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CFI's / Ground Training

gnx99

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Hey CFI's, how much ground training do you typically do with a student?

I have been looking over a 141 syllabus and the private requirements (Jeppesen GFD) are 35hr. ground and 35hr. flight. I went through the same 141 program but I didn't do nearly 35hr. of ground school.


Seems like a lot of ground instruction to save 5hrs. flight time. (61 vs. 141)
 

Vik

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If you didn't do 35hrs of ground instruction when you got your PPL, your training was not thorough enough IMO.

There is so much to talk about during the PPL, I don't see how you could do it in less. You are taking someone that has zero flying experience and making them into a private pilot.

I guess it depends where you fly too. Flying in podunk, middle on of nowhere at an uncontrolled field, maybe its possible.
 

dmspilot00

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I think 35 hours is an absurd amount unless you are taking a traditional class. I had four full (1.5 hour) groundschools in my private training: intro, controlled airport procedures, cross-country planning, and then oral test prep at the end (which was actually 3 sessions).

However, isn't the 35 hours the REQUIREMENT for Part 141?

I don't feel the instructor's job is to baby the student and force-feed him/her everything he/she needs to know. A student who refuses to study on his own should not be learning to fly. If my instructor made me do 30+ hours of groundschool telling me stuff I can and did learn on my own, I would have been POed.
 

Vik

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Thats the difference between a student that wants to make it a career and someone that is doing it for recreation.

I don't see how in 6hrs (4 full 1.5hr sessions) you learned aerodynamics, turns, uncoordinated flight, emergencies, cross country planning, ground reference maneuvers, etc .. There is so much to the private pilot PTS. Again, if you are studying on your own, that might answer that question.

But being a CFI does mean that you might have to spend more time with most of your students because most are there for the fun of it, and not to make a career out of it. (Unless you teach at a school for pro pilots like ERAU)

Recreational students are also the ones that are willing to fly for 75hours to get their PPL and they are ones that are going to earn you your paycheck. 95% of new GA pilots are probably recreational.
 

bobbysamd

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Ground training

Maybe the 35 hours is comprised primarily of ground school.

That really isn't much ground school, if you think about it. For example, seven days of five hours a day. And, I haven't even counted pre and post-flight oralling.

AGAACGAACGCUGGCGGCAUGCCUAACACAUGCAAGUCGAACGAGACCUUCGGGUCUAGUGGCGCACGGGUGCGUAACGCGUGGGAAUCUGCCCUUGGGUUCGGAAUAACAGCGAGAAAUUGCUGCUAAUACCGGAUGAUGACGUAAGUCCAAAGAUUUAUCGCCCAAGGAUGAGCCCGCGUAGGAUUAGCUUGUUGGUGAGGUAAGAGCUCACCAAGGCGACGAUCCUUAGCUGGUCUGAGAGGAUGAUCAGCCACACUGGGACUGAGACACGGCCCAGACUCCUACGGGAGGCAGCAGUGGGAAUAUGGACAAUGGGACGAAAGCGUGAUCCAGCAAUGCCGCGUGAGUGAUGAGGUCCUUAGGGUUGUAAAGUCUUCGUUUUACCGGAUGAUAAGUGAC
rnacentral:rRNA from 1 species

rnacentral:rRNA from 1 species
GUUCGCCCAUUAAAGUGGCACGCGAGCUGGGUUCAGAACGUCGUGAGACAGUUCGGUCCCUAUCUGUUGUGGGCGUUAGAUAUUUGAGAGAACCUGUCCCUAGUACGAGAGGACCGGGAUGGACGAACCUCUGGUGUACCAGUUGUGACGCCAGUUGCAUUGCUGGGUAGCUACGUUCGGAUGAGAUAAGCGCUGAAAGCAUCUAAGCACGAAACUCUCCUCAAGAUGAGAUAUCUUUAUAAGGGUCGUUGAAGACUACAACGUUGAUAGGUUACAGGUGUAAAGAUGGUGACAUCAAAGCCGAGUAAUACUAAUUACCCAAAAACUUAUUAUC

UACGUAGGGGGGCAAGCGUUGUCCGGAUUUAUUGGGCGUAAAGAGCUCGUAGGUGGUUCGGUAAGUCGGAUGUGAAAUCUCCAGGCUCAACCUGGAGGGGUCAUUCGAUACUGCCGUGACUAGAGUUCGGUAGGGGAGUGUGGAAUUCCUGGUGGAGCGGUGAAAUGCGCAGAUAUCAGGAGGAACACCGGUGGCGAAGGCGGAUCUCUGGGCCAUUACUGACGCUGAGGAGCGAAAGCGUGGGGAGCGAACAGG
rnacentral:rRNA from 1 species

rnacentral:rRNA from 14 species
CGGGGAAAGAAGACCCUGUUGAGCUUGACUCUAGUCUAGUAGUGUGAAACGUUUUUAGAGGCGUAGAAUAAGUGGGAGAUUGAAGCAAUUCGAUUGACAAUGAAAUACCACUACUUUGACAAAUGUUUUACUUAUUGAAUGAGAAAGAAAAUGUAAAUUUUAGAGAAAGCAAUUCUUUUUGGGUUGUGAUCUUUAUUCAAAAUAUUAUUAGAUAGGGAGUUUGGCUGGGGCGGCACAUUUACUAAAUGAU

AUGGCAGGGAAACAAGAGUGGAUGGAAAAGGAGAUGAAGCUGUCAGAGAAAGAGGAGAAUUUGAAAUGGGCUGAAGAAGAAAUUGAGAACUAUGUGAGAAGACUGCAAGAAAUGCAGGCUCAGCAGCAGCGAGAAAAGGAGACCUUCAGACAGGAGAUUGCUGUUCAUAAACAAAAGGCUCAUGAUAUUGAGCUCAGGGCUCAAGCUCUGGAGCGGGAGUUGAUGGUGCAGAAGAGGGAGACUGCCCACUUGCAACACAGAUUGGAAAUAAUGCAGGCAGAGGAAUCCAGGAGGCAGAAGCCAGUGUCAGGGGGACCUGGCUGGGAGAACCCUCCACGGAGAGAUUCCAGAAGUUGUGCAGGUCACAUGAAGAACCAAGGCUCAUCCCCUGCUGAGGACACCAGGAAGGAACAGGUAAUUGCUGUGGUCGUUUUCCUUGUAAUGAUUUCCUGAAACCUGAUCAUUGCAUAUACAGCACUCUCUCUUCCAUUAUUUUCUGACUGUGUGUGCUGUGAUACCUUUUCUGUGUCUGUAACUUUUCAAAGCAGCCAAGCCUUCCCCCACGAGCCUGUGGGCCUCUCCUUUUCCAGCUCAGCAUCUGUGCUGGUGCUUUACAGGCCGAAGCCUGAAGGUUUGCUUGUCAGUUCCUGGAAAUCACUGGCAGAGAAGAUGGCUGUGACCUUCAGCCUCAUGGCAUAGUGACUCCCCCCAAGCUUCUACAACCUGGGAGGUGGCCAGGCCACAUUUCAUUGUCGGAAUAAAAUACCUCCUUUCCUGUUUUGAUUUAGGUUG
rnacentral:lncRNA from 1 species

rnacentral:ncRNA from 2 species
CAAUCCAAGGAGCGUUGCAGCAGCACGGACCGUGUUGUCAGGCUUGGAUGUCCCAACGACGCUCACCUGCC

At ERAU we did a lot of pre and post-flight oralling. Students do better if they have prepared for a flight thoroughly before going to the flight line, and if they and their instructors brief the flight thoroughly before flying. I agree that instructors should not, and should not have to, spoon-feed their students. You can tell if your student is prepared for a training flight by quizzing him/her. If the student has no clue what you're talking about, than the student hasn't prepared for the lesson. Don't forget, law of readiness.
 

gnx99

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I think my ground school was one night a week, for 3 hours, for 8 weeks. Thats 24 hours.

But I probably did 150 hours on my own studying, quizzing myself, watching videos, etc.
 

dmspilot00

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Vik said:
Thats the difference between a student that wants to make it a career and someone that is doing it for recreation.

I don't see how in 6hrs (4 full 1.5hr sessions) you learned aerodynamics, turns, uncoordinated flight, emergencies, cross country planning, ground reference maneuvers, etc .. There is so much to the private pilot PTS. Again, if you are studying on your own, that might answer that question.

But being a CFI does mean that you might have to spend more time with most of your students because most are there for the fun of it, and not to make a career out of it. (Unless you teach at a school for pro pilots like ERAU)

Recreational students are also the ones that are willing to fly for 75hours to get their PPL and they are ones that are going to earn you your paycheck. 95% of new GA pilots are probably recreational.

No, you are wrong. I did learn to fly for fun. It wasn't until about 6 months after I got my PPL that I decided to make it a career. Since I work at the FBO I learned to fly at I see my see CFI (and the other CFI, there are only two) teaching a strong variety of people with the same syllabus. None of the students have ever gotten anywhere near 35 hours. However, some did take a formal class that was offered, but they could just as well use videos.
 

ksu_aviator

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35 hours is an arbitrary number. Everyone learns differently. Some people need info fed to them and others would rather study on their own. Taylor your ground school each individuals needs.
 
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